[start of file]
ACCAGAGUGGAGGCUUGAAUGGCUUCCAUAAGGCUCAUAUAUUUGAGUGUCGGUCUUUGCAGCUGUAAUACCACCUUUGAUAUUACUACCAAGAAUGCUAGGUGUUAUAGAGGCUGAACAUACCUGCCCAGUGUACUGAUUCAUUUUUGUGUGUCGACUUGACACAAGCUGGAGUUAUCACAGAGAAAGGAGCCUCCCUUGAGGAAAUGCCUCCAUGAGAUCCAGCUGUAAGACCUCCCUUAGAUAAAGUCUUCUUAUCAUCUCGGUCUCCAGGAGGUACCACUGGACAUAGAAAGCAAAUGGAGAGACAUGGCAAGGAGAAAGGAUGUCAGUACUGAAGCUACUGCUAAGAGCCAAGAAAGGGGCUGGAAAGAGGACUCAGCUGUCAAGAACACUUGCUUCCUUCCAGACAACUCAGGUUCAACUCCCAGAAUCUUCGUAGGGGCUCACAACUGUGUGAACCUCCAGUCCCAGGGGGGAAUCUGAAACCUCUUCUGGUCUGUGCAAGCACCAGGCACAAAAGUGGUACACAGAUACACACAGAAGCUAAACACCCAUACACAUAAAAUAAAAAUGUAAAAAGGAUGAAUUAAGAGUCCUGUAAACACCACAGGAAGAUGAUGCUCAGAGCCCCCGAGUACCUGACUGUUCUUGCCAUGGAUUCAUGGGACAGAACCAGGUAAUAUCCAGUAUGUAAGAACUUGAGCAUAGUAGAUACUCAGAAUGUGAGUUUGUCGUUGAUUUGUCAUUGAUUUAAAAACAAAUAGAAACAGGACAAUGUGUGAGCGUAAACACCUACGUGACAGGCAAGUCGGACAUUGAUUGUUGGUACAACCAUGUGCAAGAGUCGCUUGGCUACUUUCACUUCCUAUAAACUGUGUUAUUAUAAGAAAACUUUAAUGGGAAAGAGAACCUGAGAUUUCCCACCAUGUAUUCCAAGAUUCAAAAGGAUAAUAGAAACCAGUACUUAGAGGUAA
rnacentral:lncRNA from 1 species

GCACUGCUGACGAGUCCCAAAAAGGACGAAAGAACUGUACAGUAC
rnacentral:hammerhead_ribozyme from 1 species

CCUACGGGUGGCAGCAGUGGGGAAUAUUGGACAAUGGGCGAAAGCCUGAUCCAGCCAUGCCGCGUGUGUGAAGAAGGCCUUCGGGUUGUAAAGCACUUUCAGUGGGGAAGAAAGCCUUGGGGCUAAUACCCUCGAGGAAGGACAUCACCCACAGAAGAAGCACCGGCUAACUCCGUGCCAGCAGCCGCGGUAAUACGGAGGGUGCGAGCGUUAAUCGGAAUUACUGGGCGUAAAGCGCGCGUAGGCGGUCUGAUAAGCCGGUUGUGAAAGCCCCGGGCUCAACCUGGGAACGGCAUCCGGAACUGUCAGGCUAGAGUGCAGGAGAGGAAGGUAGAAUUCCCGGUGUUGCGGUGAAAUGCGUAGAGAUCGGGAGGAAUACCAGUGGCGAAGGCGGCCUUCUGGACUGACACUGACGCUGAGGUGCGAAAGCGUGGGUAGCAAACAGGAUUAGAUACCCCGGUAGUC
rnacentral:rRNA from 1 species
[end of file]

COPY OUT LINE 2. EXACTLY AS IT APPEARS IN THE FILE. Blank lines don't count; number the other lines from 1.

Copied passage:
rnacentral:lncRNA from 1 species